I am a single mother of a 3 year old who was recently diagnosed with a severe open bite and high pallet in addition to the Tounge thrust disorder. I have found that medical insurance does not cover treatment for this condition. We have started working with a speech pathologist who is working on excersises to help correct the tongue thrust. At the beginning she was excited and eager to do the excersises, now she is not so eager they are not easy for her. What would be the ideal age to work with her before it gets too late and her teeth start to solidify, I want to avoid surgery if possible.

Gal Levy March 7, 2013 - 11:58 pm

Dear Gaby Mora,
If you read the article you would know that I would not treat typically before age 6, I am usually giving nature another year and starting only at age 7…But do not delay any articulation treatment that was designed by your SLP – Drills will be much easier to perform at age 7.Thank you !

Paula A. March 18, 2013 - 10:12 pm

Dear Mr. Levy,

I think from the some of the signs you gave, my 8year old may have tongue thrust. Can you please send me the prescribe exercises for normal speech so that I can help him at home. By the way, he is receiving speech therapy at a public school.

Hamid May 13, 2013 - 11:34 am

Hi there,

I noticed fairly recently that I have this problem with tongue thrust and mouth breathing. I had braces when I was 16, I am now 19 and continue to wear my essix retainers but my teeth have slanted out instead staying vertical. My orthodontist didn’t even mention there was a problem when I had my braces. There are no SLPs in my city (Leicester, England). I don’t even know if there are any SLPs in England. Would you be able to send me some exercises that will help me swallow correctly? Also, is it even possible to correct my swallow without the help of a professional?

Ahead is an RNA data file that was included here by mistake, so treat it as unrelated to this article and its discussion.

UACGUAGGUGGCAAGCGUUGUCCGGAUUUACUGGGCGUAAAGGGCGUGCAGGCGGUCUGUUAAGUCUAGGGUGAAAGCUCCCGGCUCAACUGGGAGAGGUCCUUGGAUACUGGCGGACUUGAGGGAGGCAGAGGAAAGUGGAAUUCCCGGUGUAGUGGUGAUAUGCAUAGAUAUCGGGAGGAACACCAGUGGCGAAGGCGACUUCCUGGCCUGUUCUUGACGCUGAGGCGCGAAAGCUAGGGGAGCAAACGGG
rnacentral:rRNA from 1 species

Margaret Acutt October 7, 2013 - 3:44 am

Hamid, There are no SLP’s in England because they are called SLT’s. The profession chose to retain the name ‘Speech and Language Therapist” as the professional title. There is a university in Leicester which ‘trains’ (the British term) SLT’s. If you would like help, you can contact the Association for Speech and Language Therapists in Independent Practice at http://www.helpwithtalking.com. The Royal College of Speech and Language Therapists, which is the professional organisation, not an educational establishment, (www.rcslt.org) may help you locate your nearest NHS Speech and Language Therapy Department. However, an independent therapist may be your best bet, since you may not be priority on an NHS treatment list unless you have a medical diagnosis.
Margaret Acutt, Isle of Wight, England, RCSLT, ASLTIP, & ASHA Member

Jen September 19, 2013 - 4:26 pm

Hello-I have been working with twin boys since preschool. They had a phono disorder and that’s been corrected. They are now 1st graders, both have open bites, tongue thrusts, hyponasal vocal quality and now they are starting to lose their teeth. We have gotten an approximation of SH and CH, but their /s/ and /z/ are still an issue. One of them can place the tongue behind the bottom teeth, but doesn’t do it in conversation. The other one looks like an interdental lisp all of the time. Any suggestions?

Dental Impressions | Words, Words, Words September 27, 2013 - 10:46 am

[…] besides shifting teeth, retainers may also be used to help kids with speech impediments like a tongue thrust (a condition where your tongue sneaks through your teeth when you talk). Some retainers called […]

Meaghan October 29, 2013 - 9:24 am

Hello! I have several students that would greatly benefit from these exercises. Would you please send me a copy of the exercises? Thank you so much! roem@aaps.k12.mi.us

kamran December 11, 2013 - 2:01 pm

will you please send me the different excercises mkamran917@gmail.com…i will be thankful to you..

Kathleen skokan January 14, 2014 - 12:00 am

Hello. Would you please send me the exercises? Kathleenskokan@yahoo.com

JStone January 18, 2014 - 5:52 pm

Could you please send me the exercises? Thanks so much! jdstoneslp@yahoo.com

Comments are closed.